Unseen Sweatshops Don't Bother Us
THERE IS MORE CHATTER in Ireland about Fairtrade coffee beans than about unsafe conditions in the factories where our consumer devices are made. And I doubt anything in the current dust-up about Apple's Foxconn operations will change our attitudes.
I played audio from This American Life to LIT students in our Applied Communications module because one of the themes of that programme explores worldly views of socialism and communism. Years ago, communist leaders might have set up factories for hand-made clothing. The pace would have been slower than what's in the sprawling Foxconn factories today. Things have to move faster because of pent-up consumer demands. Here in Ireland, we get antsy if more than a year elapses between updates to our iPhones (and Nokia phones that I buy), laptops, or kitchen appliances. That consumer pressure filters all the way to Chinese manufacturing lines where little hands assemble tiny parts. The sheer number of available employees gives little incentive to automating assembly processes. Many hands do fast work. And in Foxconn's case, that means 860,000 hands.
Foxconn makes one third of all the world's electronics--not just Apple gear but all sorts of stuff we use to live comfortably and work productively in the 21st century. But as long as we compartmentalise the dirty work into a far corner of our world, we can keep enjoying a guilt-free lifestyle.
Halfway across the world, life is a lot different for hundreds of thousands of factory floor workers who don't earn enough money to buy the iPads they assemble. They work on lines where thousands of fingers move in unending motion. They work honest hours, not the Irish work hours that are punctuated by talking over tea, smoking with mates, and running to the bank (or the shops, or the creche or out to school gates for the kids).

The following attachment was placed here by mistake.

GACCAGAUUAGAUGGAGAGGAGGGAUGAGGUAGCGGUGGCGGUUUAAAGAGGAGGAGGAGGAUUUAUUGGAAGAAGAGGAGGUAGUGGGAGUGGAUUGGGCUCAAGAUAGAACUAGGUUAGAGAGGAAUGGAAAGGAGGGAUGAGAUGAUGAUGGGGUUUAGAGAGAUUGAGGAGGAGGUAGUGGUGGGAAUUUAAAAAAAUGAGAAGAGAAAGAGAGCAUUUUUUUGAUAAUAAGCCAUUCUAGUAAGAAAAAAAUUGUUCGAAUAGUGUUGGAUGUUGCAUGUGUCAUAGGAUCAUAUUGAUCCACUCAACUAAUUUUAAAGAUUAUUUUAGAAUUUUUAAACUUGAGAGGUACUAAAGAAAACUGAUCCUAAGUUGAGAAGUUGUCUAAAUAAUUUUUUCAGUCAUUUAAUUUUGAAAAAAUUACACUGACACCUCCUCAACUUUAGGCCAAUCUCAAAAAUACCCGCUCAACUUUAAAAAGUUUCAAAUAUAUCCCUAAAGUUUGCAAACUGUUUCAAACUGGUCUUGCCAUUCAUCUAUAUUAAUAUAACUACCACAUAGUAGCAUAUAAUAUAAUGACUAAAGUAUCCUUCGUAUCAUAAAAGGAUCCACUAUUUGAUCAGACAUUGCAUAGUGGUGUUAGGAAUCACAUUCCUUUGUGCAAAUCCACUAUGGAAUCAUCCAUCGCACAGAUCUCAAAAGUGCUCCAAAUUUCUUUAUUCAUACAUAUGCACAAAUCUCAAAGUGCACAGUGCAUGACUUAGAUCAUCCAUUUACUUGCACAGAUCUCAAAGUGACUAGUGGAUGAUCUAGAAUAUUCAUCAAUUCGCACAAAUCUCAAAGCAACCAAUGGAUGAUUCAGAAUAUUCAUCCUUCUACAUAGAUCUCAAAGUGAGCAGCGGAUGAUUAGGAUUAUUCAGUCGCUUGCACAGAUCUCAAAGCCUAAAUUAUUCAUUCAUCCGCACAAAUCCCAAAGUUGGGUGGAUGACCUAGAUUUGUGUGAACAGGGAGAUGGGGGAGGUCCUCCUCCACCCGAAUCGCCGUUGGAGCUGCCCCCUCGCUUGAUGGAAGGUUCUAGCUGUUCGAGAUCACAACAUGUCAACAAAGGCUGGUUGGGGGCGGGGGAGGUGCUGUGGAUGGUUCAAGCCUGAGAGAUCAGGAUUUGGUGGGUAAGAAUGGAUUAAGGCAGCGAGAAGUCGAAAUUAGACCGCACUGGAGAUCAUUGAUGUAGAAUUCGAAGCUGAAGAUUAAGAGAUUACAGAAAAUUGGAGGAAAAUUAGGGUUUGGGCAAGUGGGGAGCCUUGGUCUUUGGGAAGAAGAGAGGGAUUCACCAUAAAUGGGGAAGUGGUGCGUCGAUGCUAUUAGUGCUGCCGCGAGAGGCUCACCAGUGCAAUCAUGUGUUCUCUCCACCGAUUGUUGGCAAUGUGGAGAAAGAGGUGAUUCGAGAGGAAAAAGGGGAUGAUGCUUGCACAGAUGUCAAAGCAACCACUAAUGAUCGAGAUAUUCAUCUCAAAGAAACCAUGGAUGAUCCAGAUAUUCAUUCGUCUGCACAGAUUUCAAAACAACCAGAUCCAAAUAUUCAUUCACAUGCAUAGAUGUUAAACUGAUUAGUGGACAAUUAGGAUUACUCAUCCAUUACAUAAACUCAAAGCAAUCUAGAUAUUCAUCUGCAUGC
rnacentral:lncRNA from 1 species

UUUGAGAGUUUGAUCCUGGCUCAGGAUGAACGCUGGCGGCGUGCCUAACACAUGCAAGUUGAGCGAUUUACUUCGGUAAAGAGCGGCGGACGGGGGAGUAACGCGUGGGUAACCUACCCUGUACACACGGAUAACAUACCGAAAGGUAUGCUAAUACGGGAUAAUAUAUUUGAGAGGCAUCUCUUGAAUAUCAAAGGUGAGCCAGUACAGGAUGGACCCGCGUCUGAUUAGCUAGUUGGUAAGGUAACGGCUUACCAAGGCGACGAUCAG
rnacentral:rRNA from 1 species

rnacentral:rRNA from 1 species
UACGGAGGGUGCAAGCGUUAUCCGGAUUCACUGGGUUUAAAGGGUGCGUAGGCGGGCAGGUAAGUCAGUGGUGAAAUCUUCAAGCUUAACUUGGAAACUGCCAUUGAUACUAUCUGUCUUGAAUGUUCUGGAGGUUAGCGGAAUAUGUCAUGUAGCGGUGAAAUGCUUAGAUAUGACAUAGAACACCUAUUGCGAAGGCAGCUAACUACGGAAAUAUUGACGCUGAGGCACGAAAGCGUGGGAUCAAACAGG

Investigative reporters have discovered incidents of repetitive stress injury that cripple 26 year old people for life. Photographers have snapped the faces of 13 year old boys and girls on assembly lines. Irish Labour politicians can see the Black List from the Chinese Labor Board with the names of people identified as "troublemakers" because they raised health and safety issues.
I believe Apple is the only electronics company that can afford--literally afford--to break with the widespread notion that we have to lower costs and squeeze margins in order to remain competitive. As Tim O'Reilly says, "Their unprecedented profits make it incumbent on them to take a much stronger stand on this issue."
But I don't expect anyone in Ireland to be confrontational about all these issues because it's not our problem. And we'd really like an iPhone 5 before summer, please.
Disclosure: I own two iPod Touches, one iPod and we flatten an iPad's battery every day through hard use. I am a guilty facilitator but should I blame myself?
This American Life Episode 454 -- Mr. Daisy and the Apple Factory, January 6, 2012.
New York Times -- Apple's iPad and the Human Costs of Labor in China in the New York Times, January 25, 2012. Download Human Costs Are Built into an iPad
Bonus Link -- Conan O'Brien and the iNett, February 2, 2012, on Team Coco.